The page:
Cherokee playwright Diane Glancy offers a sad slice of contemporary country life in a small, dusty town in West Texas. Struggling with a dwindling congregation in his (almost) ghost town, evangelical preacher Jonathan (aka Reverend Hawk, played by Choctaw actor Randy Reinholz) and his dependent sisters face eviction from their church home. Glancy crams several related themes into her play, from the bleak fate of the impoverished elderly to the cold-hearted business decisions of the church to the destruction of the environment when government sells out to developers. Glancy compares Reverend Hawk's imminent eviction with the plight of the Native Americans whose lands were taken over forcibly by white settlers. Ellen Dostal is good as Jon's older sister, Clovis, who, following a debilitating stroke, speaks to the audience directly, vividly describing her frustration. Portraying Native American cowboy Rope, Lakota actor Robert Owens-Greygrass gives a passionate and disturbingly vivid speech that illustrates the rape and poisoning of the land and its water by the fracking process. While Glancy offers few solutions for her beleaguered characters, her play stands as a heartfelt indictment of the deplorable predicament many are facing in today's tough economic climate. The play is beautifully staged and directed by Robert Caisley. Native Voices at the Autry National Center, 4700 Western Heritage Way, Griffith Park; Thurs.-Fri., 8 p.m.; Sat., 2 & 8 p.m.; Sun., 2 p.m.; through March 17. (323) 667-2000,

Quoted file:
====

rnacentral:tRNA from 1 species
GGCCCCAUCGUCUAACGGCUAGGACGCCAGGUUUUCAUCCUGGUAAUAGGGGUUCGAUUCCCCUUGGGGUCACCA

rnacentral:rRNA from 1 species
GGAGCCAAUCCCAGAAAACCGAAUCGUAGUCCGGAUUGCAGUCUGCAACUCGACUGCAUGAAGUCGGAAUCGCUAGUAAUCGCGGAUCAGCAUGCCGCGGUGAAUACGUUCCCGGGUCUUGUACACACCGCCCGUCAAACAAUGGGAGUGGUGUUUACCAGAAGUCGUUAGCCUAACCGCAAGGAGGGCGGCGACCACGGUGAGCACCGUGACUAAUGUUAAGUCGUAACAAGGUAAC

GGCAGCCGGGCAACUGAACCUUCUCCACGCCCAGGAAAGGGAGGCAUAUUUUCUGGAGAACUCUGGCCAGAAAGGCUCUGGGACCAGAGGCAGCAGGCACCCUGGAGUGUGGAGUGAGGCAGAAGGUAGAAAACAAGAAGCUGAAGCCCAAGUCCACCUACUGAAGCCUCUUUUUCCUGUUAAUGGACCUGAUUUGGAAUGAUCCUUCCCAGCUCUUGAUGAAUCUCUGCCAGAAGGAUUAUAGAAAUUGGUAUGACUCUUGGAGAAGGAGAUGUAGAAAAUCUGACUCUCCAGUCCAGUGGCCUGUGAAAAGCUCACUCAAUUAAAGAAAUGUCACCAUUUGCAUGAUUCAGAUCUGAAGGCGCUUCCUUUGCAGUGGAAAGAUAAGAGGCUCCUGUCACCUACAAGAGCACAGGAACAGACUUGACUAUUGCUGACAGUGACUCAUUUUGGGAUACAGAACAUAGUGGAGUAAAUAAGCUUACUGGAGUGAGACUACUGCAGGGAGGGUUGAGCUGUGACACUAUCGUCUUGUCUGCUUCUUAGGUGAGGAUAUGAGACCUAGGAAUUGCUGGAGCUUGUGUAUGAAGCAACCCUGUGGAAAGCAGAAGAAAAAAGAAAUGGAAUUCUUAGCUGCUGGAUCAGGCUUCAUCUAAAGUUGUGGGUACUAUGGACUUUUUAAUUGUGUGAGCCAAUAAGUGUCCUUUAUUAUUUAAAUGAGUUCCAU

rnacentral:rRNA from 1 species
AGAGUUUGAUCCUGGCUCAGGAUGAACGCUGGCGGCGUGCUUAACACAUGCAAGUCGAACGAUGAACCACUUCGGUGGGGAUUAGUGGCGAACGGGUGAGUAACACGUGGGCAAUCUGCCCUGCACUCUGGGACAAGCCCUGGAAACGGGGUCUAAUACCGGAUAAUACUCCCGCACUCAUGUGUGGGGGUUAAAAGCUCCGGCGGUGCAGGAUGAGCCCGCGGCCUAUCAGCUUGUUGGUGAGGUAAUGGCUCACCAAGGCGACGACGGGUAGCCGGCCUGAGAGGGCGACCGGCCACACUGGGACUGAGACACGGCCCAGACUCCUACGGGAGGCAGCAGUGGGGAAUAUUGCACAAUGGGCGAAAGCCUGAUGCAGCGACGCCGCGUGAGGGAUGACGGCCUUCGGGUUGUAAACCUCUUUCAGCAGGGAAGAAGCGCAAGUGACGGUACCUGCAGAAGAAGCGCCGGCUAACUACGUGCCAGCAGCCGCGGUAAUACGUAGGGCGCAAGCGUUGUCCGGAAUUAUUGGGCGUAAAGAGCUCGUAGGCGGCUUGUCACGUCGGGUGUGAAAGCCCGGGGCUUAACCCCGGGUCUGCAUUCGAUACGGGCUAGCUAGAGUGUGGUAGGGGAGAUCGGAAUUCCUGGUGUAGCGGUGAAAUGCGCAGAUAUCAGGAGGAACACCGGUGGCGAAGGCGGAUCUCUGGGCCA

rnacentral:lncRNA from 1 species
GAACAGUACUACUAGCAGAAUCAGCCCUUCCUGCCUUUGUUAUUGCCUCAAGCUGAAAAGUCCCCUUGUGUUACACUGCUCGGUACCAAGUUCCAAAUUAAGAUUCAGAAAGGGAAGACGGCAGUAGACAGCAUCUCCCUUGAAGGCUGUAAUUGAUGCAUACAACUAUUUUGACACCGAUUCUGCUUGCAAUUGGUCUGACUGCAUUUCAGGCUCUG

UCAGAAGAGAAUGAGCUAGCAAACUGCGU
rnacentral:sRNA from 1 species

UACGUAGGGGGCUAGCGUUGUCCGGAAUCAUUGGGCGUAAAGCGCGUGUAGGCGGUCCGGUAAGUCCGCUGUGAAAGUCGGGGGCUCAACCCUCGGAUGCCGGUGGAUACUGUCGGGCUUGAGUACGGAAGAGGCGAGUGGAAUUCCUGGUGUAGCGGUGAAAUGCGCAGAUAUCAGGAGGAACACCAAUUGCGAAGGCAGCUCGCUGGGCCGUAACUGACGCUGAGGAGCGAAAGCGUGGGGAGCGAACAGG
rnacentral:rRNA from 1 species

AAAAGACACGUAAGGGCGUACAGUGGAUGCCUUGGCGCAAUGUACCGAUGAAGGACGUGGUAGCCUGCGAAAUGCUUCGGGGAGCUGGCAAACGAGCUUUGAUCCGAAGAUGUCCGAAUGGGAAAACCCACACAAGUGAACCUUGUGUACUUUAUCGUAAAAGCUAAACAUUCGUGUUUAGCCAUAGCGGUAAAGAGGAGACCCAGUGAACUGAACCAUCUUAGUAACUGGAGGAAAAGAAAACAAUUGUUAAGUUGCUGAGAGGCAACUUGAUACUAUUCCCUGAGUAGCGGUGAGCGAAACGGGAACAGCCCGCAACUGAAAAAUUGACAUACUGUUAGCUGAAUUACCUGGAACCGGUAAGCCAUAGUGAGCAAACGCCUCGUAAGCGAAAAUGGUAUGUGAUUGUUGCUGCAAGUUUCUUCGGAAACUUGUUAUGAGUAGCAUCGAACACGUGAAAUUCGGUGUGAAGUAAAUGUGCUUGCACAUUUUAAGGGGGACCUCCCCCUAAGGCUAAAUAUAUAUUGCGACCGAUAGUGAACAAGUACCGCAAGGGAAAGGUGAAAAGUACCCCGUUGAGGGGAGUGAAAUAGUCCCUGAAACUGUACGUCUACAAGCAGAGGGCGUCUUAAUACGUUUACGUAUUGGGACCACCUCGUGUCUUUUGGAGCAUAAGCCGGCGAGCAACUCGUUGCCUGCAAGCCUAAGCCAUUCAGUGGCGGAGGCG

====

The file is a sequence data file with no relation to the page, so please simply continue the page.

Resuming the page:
Thursdays, Fridays, 8 p.m.; Saturdays, 2 & 8 p.m.; Sundays, 2 p.m. Starts: March 1. Continues through March 17, 2013

LA Weekly